Serioussam

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My first saw was a brand new 450 jonsered in 1985 . I cleared a hospital site with it in 1989 and the owners of company were really watching me , figured the saw was small . I was getting $45/ day saw rental for it so in 2 weeks I upgraded to a 266 and loved that saw . I still have a soft spot for the 266s
 

thedude74

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My first saw was a McCulloch 3214. It was stolen a month after I purchased it...bought another. Never cut firewood with them. Their sole purpose was for construction doing HVAC rough ins before the days of li-ion battery skilsaws and sawzalls. IIRC we used a capful of 30w motor oil per tank of gas.
 

jakethesnake

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I had a 51 husky cut with for years
They’re pretty well built. Almost smashed my baby this winter. Wind blew back cut closed. Walked to get a wedge tree went saw fell out. Left wedges a baseball throw away in truck.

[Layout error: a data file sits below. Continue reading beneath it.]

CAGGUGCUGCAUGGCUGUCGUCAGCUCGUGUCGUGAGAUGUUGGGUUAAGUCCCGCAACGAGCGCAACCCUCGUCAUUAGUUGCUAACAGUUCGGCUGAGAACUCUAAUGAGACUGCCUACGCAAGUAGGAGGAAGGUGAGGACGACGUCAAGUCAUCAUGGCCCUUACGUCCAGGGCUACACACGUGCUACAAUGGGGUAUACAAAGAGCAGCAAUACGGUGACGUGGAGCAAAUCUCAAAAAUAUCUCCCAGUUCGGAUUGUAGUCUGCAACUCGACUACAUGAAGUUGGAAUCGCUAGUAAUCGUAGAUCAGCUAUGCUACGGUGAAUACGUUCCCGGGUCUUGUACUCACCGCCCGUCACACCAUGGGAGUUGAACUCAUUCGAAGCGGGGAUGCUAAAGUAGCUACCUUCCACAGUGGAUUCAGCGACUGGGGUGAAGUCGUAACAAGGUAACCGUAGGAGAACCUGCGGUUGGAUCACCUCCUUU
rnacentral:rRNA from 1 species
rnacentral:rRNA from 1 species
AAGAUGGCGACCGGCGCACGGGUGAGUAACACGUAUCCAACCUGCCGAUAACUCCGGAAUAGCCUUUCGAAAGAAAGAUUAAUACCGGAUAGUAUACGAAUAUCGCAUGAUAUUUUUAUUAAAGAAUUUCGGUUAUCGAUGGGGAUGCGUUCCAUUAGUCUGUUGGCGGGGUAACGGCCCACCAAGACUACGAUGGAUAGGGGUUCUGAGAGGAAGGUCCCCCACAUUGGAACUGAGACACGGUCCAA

I’ve got another 55 in the shed in a box needing put together. I got it from a fine gentleman here but haven’t had much need to put it together
 

Deputyrpa

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We didn't burn wood when I was a kid, but we had a Mini Mac 30. If you only had one saw, and it needed to be dependable, this was not the one. When I got old enough to use it, I messed around with it all the time, trying to get it to run longer than 5 minutes. Eventually, I just threw it out.
 

Spike60

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@Dustin4185 I usually don't comment on Stihls, good or bad, but the 290 was a marketing grand slam. Everybody thought it was a "big" saw. It was certainly bigger and heavier than it needed to be for the displacement. And that size allowed it to feel balanced with it's 20" bar. I'd see people in other shops pick it up and ask why that big saw had such a good price. People gobbled them up. Hardly hit the performance metric we look for here, but the truth is it did what it needed to do and was mostly reliable from what I recall.

Husky initially responded by sticking the Rancher label and a 20" bar on the 55. It was competitive, but it didn't have the big saw look or feel of the 290. But they figured they could make an overweight saw also and that's what gave us the 455. Just like the 290, they sold by the boatload.
 

whitesnake